What is Involved in a Gestational Diabetes Test?
The type of gestational diabetes test given to a pregnant woman varies by country, but the most common kind is an oral glucose screening test, followed by an oral glucose tolerance test. The screening test is typically given to a woman when she is 24 to 28 weeks pregnant. It may be given earlier if a woman is considered to be high risk, which includes being over age 35, obese, or having a family history of diabetes. If the first gestational diabetes test shows abnormal results, then the second test will be done to diagnose gestational diabetes. The second test, or glucose tolerance test, is necessary because a woman can have abnormal results from the screening test but not actually have gestational diabetes.
The first step in diagnosing gestational diabetes is for a woman to take an oral screening test. No fasting is required for this step, and the process takes about an hour. The pregnant woman will drink a liquid with about 50 grams of glucose, which generally tastes like sweet, noncarbonated soda. One possible side effect of the drink is nausea, and if vomiting occurs, the gestational diabetes test will have to be retaken on a different day. Approximately one hour after drinking the liquid, the pregnant woman will have blood drawn from her arm to test her blood sugar level, which will show how much of the glucose was metabolized by her body.
The level of blood sugar is measured in milligrams of glucose per deciliter of blood (mg/dL). What are considered to be abnormal results for the screening test can vary from doctor to doctor, but usually 140 to 200 mg/dL will indicate that the second gestational diabetes test should be given. Some doctors will consider abnormal to be as low as 130 mg/dL to catch gestational diabetes in more women. If the screening test results are over 200 mg/dL, many doctors will diagnose a woman with gestational diabetes without having to take the second test because of the extremely high blood sugar level.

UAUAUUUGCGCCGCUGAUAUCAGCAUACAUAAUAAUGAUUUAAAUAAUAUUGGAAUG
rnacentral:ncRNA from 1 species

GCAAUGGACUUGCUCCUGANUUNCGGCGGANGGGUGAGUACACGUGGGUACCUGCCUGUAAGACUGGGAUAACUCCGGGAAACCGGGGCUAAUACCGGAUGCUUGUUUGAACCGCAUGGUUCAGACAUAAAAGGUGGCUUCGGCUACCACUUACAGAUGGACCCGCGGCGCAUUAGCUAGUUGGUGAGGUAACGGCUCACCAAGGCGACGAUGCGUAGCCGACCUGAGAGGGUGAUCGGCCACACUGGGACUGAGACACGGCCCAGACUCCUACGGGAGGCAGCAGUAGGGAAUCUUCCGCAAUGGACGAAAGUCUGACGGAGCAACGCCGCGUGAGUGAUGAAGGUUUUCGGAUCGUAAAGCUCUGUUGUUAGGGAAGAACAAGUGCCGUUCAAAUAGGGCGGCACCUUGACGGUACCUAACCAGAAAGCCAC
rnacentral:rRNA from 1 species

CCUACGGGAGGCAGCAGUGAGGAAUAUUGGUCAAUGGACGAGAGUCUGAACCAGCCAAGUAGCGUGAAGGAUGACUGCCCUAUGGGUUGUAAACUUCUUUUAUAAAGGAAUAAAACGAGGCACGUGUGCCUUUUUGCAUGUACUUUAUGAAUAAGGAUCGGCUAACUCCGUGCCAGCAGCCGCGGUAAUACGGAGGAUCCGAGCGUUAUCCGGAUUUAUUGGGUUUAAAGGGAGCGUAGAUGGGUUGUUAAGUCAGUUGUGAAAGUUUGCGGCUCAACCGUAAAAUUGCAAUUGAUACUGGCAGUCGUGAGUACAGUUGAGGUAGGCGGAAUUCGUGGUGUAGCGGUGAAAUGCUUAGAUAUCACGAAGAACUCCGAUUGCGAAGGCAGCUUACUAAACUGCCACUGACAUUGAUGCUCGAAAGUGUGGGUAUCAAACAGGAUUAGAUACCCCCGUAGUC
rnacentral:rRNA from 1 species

If the second gestational diabetes test is deemed necessary, then a woman will commonly take the longer oral glucose tolerance test, which takes about three hours. For three days prior to the test, she should eat at least 150 grams of carbohydrates in addition to her normal diet. Fasting is required for eight hours before the test, although small sips of water are allowed.
The glucose tolerance test begins with drawing blood from a pregnant woman to record her blood sugar level after fasting. Next, she will drink a liquid with about 100 grams of glucose, which is more concentrated than the glucose drink for the previous screening test. Each hour for the next three hours, blood will be drawn from her arm to check her blood sugar level.
Abnormal blood sugar levels for the glucose tolerance test are commonly considered to be 180 mg/dL or more after waiting one hour, 155 mg/dL or more after two hours, and 140 mg/dL or more after three hours. If only one of the blood tests shows abnormal numbers, then a woman might have to be retested again later on in the pregnancy. If two or more blood tests have abnormal glucose levels, then the pregnant woman will be diagnosed with gestational diabetes.
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